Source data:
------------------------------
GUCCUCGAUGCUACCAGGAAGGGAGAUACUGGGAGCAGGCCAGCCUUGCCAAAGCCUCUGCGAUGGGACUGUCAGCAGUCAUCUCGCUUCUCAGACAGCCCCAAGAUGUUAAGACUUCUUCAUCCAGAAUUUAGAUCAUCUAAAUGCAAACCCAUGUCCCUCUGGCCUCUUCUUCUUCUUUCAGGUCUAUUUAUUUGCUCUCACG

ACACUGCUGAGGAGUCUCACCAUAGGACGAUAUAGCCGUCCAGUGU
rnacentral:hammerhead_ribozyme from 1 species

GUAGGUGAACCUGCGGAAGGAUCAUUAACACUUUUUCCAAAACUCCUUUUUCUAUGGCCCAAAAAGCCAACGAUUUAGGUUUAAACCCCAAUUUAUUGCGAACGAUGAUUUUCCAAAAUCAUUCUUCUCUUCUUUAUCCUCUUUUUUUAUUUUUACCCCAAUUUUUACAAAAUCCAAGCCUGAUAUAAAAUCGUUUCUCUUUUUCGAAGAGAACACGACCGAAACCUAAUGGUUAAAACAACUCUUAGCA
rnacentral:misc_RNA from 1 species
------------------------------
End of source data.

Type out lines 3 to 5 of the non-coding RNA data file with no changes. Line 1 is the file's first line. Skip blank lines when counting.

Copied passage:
rnacentral:hammerhead_ribozyme from 1 species

GUAGGUGAACCUGCGGAAGGAUCAUUAACACUUUUUCCAAAACUCCUUUUUCUAUGGCCCAAAAAGCCAACGAUUUAGGUUUAAACCCCAAUUUAUUGCGAACGAUGAUUUUCCAAAAUCAUUCUUCUCUUCUUUAUCCUCUUUUUUUAUUUUUACCCCAAUUUUUACAAAAUCCAAGCCUGAUAUAAAAUCGUUUCUCUUUUUCGAAGAGAACACGACCGAAACCUAAUGGUUAAAACAACUCUUAGCA
rnacentral:misc_RNA from 1 species